Okey-doke, let's start with a little summary of just what happens at the end of the story, shall we? The nose is back on Kovalev's face, and Kovalev is back to his old life. Nothing much has changed for him besides the fact that he now has yet one more thing to feel all smug and self-satisfied about—the size of his nose. Meanwhile, the narrator grows totally disgusted with the nonsense that is the story and starts to rant about all the ludicrous plot holes.
So what are we to make of this? Well, to be honest, Shmoop's not really sure, and there's no way to know for sure. (We think that's kind of the point.) However, we'll throw out one idea: maybe the thing that really makes the narrator bonkers is the very fact that Kovalev totally doesn't change in any way despite having this big experience.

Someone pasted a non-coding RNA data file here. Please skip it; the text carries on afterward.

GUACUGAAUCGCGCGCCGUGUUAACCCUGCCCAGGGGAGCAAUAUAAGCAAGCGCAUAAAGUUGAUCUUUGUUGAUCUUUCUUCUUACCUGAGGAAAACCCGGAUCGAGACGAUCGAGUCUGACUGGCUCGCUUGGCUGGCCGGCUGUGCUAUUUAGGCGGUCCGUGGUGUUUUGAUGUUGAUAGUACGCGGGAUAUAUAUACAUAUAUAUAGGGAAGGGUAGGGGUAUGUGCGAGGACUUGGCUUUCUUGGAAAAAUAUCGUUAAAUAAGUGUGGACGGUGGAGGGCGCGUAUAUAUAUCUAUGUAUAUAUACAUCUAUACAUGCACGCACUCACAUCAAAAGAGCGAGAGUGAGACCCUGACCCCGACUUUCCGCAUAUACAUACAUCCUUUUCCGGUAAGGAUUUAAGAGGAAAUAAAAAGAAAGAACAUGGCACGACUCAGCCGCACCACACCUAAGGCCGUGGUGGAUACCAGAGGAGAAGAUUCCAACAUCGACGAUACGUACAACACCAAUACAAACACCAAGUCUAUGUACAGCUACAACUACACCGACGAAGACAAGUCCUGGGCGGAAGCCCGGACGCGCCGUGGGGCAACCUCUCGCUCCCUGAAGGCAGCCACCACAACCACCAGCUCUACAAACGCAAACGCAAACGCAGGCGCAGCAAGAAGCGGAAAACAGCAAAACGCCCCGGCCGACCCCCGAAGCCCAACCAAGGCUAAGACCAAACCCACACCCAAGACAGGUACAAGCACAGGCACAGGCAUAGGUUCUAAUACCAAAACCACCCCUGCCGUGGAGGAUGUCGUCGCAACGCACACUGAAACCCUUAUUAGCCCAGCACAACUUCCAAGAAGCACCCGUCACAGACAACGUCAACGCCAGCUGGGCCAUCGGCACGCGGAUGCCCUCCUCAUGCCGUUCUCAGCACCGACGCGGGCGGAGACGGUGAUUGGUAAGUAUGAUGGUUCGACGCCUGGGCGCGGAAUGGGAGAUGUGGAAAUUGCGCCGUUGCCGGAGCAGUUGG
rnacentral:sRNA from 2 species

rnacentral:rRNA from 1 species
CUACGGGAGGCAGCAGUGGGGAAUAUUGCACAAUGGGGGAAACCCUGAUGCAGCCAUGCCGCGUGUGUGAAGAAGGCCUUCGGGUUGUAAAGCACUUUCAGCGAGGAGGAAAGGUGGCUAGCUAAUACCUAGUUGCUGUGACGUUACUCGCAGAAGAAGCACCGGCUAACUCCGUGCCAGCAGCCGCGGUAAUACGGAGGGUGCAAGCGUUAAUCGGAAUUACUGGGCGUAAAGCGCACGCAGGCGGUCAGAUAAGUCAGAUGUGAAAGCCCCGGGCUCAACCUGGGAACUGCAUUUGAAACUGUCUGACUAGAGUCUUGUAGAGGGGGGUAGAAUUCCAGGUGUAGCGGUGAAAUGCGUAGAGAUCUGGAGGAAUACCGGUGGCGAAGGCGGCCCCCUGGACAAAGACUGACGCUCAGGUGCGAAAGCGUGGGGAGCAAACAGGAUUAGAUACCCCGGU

Think about it: usually stories follow a character from A to B. Someone starts out one way, has some kind of experience, and comes out of it a totally different way. Sometimes the journey is longer—A to B to C, for example. But it's not too common to see a character have a life-changing experience and then go about his business like nothing ever happened.
Not in "The Nose." Here, Kovalev seemingly learns nothing about himself or life or whatever from his two noseless weeks. That certainly seems like enough of a provocation to frustrate a narrator who's really been giving him the business during the whole story.